Eastern Times Correspondent, Dhaka, 9 February: Bangladesh wants to establish a direct shipping link with Maldives as part of its move to boost trade, while also streamlining the labour recruitment process in the aftermath of coronavirus pandemic.
Foreign Minister AK Abdul Momen and Maldives Foreign Minister Abdulla Shahid will discuss the issues as they hold bilateral meeting at the state guesthouse Padma Tuesday.
Abdulla Shahid arrived in Dhaka on a three-day visit today at the invitation of Bangladesh’s Foreign Minister Momen. He is expected to pay courtesy calls on the President and the Prime Minister of Bangladesh.
“Bangladesh and Maldives have immense potentials of trade and investment as well as placement of human resources. Yet, the trade volume is low. We would like to augment the bilateral trade,” a Bangladeshi diplomat in Maldives told this correspondent today.
The average volume of exports to Maldives from Bangladesh is $6 million and imports to Bangladesh amounts to $50 million.
The products that can be exported to Maldives include high-quality readymade garments, medicine, jute and leather goods, plastic items, ceramic items at competitive prices.
“The present transport cost is, however, high as those are transported via Singapore. If we have direct shipping link from Bangladesh to Maldives, the trade can be much more competitive,” said the official.
Though there is no trade agreement between the two countries, there are opportunities for increasing trade under South Asian Free Trade Agreement. Exchange of trade and business delegations and organising trade and business fairs could help boost trade, said officials concerned.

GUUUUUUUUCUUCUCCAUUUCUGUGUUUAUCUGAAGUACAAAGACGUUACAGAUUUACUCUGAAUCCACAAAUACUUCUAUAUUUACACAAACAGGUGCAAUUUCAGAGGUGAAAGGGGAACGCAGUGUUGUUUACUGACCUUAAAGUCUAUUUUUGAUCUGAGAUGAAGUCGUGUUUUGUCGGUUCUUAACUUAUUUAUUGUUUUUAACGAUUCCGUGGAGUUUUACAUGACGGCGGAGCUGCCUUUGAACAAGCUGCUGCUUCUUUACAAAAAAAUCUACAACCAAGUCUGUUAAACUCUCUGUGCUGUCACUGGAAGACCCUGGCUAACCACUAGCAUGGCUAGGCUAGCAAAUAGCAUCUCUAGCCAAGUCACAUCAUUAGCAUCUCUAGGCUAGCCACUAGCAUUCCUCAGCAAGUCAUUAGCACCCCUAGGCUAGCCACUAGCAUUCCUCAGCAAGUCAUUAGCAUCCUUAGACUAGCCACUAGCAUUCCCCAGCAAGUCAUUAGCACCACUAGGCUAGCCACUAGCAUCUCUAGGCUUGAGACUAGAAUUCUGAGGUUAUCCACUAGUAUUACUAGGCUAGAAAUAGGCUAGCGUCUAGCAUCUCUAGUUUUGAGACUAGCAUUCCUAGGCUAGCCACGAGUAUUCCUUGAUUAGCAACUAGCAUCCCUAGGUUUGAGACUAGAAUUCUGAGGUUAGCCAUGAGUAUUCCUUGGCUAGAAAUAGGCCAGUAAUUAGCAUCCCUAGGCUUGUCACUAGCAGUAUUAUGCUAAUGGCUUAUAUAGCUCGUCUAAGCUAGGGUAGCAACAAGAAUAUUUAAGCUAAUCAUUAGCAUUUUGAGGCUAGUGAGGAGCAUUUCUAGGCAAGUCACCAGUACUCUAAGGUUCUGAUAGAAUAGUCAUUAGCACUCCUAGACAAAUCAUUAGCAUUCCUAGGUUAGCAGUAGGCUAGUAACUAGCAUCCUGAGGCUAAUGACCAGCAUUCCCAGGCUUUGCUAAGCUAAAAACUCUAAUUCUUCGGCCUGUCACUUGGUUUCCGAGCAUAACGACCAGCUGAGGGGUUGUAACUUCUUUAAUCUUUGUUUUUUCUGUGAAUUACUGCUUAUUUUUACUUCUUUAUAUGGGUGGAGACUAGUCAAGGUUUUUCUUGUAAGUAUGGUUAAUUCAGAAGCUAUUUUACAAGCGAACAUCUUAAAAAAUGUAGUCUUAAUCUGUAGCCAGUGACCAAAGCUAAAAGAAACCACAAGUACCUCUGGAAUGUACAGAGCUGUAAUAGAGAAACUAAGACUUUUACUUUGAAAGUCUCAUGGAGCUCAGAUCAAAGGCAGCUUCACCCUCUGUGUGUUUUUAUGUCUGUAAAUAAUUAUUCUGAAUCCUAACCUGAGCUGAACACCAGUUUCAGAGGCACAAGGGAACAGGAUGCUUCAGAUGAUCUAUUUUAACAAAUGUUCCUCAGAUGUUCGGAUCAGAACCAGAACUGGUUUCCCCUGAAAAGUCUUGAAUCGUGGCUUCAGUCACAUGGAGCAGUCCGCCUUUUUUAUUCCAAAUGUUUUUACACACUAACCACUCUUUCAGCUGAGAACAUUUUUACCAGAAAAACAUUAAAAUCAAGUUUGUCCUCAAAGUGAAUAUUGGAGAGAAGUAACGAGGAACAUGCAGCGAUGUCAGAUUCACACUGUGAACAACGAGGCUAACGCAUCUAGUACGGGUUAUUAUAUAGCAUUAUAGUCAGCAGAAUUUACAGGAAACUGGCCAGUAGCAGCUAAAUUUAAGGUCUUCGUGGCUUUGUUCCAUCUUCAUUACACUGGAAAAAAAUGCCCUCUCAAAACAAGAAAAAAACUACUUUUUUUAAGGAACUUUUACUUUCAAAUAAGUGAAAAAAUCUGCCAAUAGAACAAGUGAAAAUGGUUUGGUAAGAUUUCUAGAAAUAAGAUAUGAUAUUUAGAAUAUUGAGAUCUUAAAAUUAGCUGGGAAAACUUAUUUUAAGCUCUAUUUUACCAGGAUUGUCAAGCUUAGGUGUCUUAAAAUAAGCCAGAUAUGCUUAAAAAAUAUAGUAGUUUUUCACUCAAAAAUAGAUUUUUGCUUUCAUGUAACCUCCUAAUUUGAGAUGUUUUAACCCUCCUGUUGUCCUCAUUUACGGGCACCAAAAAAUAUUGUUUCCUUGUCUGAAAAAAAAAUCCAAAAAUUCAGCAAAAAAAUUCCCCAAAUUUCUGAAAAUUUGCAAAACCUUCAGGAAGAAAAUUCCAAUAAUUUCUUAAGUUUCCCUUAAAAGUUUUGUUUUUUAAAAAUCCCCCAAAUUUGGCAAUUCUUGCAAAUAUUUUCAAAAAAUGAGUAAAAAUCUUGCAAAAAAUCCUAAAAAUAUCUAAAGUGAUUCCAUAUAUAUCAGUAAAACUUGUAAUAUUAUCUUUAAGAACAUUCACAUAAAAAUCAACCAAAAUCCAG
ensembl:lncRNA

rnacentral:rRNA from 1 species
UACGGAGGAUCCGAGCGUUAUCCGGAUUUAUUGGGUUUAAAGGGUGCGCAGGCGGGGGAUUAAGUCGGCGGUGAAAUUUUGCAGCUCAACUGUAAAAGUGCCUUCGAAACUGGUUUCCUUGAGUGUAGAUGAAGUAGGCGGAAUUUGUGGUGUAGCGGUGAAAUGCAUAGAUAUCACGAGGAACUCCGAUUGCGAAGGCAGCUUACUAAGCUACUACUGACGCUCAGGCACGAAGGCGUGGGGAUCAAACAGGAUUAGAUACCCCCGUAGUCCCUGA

Maldives is home to some 90,000 Bangladeshis and many of them have become undocumented. Also, the coronavirus pandemic has left a good number of them jobless, while some 15,000 of them had to return home during the pandemic last year.
“Dhaka would request Maldives to regularise and help them get jobs,” said a foreign ministry official.
About 200 Bangladeshi doctors are also working in Maldives where they played important role during the pandemic.
A Bangladeshi ship carried 100 tons of food and medical supplies including 20,000 PPEs to Maldives last year. Bangladesh Airforce aircraft carried stranded Maldivian medical students and families from Nepal and Bangladesh to Male. A 10-member Bangladesh Armed Forces Medical Team also provided medical support for two months in Maldives.
These demonstrate the true friendship between the two countries and the potentials of trade, officials said.
They said the Maldives government is interested to recruit skilled professionals from Bangladesh, especially in the medical, engineering and education sectors. An MoU on placement of manpower to Maldives was signed in 2011, but it expired in 2016.
“In the meeting, a new MoU is scheduled to be signed on February 9,” an official said.
Bangladesh is in a position to build smaller ships and craft for Maldives Coast Guard, he said.
Maldivian government has long expressed interest to import river sand from Bangladesh to meet the requirements of construction industry in Maldives. Discussions on this will also feature in the foreign minister-level meeting, he added.
“South Asia is one of the least connected regions in the world. We need to strengthen it for more trade,” the official said.